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Pembroke Pines Commission Punts on ICE Prison Vote That May Not Matter Anyway

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A couple of weeks ago, Pembroke Pines Commissioner Iris Siple got up in public and promised to try to cancel an agreement that said Pembroke Pines would provide fire, medical, water, and sewer services to a new ICE detention facility being planned for a plot of land near the Everglades.

The Town of Southwest Ranches and its attorney, Keith Poliakoff, say they expect private contractor CCA to break ground on the project early next year. CCA has the authorization it needs to begin construction, though another stage of review might be needed to bring the facility in line with ICE's needs. So the threat to rescind the agreement was a last-ditch effort to appeal to the vocal antiprison crowd.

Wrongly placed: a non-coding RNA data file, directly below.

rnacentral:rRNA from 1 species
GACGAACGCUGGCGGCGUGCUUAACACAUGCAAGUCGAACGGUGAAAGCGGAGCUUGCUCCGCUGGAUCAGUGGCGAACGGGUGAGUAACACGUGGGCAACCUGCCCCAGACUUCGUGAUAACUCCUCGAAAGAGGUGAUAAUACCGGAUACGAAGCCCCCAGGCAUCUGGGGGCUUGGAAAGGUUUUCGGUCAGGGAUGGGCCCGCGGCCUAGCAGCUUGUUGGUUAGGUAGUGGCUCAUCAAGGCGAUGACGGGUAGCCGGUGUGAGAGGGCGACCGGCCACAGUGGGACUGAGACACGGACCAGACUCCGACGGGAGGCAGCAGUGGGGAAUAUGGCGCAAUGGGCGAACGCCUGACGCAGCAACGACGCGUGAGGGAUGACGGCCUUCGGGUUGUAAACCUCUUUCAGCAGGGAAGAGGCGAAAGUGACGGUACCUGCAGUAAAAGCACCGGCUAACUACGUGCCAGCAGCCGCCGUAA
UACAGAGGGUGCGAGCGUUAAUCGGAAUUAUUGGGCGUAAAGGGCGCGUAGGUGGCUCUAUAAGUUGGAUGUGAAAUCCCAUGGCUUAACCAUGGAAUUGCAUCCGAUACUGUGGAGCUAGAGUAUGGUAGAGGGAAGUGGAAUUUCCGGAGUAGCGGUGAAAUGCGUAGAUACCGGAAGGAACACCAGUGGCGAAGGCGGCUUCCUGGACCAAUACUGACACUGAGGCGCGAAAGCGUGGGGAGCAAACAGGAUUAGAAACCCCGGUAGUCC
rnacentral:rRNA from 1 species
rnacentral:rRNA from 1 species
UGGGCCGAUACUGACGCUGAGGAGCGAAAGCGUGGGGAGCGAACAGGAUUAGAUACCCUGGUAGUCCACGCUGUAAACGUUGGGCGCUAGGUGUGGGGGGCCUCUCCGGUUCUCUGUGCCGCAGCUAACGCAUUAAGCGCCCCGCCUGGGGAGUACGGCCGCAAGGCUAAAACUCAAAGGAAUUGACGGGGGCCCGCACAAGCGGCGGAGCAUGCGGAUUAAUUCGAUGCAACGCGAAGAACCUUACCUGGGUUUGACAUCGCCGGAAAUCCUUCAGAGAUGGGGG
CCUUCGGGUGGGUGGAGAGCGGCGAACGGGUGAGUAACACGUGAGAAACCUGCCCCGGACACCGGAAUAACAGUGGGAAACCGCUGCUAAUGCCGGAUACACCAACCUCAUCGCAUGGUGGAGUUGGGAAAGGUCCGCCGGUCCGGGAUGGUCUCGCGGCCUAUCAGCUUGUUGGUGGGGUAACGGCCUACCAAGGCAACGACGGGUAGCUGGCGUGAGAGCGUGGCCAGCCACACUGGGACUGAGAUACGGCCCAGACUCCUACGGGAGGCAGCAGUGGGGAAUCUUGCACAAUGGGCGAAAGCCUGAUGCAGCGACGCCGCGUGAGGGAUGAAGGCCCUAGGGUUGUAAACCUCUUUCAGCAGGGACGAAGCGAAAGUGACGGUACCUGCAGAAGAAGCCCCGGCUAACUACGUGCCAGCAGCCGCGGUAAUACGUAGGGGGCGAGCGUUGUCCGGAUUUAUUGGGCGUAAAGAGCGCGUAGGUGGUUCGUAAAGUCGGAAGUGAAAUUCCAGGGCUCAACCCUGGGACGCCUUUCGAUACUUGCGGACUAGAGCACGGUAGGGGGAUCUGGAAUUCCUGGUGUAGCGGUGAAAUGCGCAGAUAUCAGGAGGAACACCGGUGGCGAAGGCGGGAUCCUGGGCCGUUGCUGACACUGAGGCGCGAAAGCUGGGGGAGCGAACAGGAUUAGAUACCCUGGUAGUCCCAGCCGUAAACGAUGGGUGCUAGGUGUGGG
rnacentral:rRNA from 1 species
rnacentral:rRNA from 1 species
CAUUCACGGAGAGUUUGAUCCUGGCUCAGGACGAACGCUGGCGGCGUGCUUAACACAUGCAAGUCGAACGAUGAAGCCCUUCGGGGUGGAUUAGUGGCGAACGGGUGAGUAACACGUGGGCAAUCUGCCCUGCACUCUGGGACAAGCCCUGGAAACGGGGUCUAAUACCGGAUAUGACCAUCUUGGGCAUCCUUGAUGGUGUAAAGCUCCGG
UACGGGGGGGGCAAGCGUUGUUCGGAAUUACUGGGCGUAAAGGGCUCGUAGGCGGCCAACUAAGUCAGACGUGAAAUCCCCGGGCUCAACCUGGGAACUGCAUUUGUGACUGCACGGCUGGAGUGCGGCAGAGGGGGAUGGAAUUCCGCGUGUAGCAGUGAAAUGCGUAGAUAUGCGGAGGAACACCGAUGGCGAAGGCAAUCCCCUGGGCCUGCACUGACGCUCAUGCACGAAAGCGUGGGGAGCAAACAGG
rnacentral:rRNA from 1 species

Siple put an item on last night's agenda to discuss using a nine-month termination clause that was written into the agreement. But after an hour of discussion and feedback from antiprison advocates who filled the meeting, the commission voted to hold a workshop on the decision at a later date.

The Herald's Daniel Chang covered the meeting, as media continue to follow a group of nearby residents who refuse to let the facility go up without a fight.

Siple is up for reelection in January along with Mayor Frank Ortis, who also recently took a stand against the facility to thunderous applause.

"This facility is coming," said Poliakoff at the meeting last night, echoing a point he made at last Monday's Southwest Ranches council meeting. "So at this point, I would hope that fact would be recognized and we can all move forward collectively to try and ensure protections for the community as a whole."

At the town-hall meeting where Siple first said she would try to cancel the contract, CCA Executive Vice President Lucibeth Mayberry said that the company would proceed with its plans even if it lost infrastructure support from Pembroke Pines. "We'll do it ourselves," she said, indicating that the company would build a water treatment facility if that's what it takes to get the prison built.


Stefan Kamph is a New Times staff writer.
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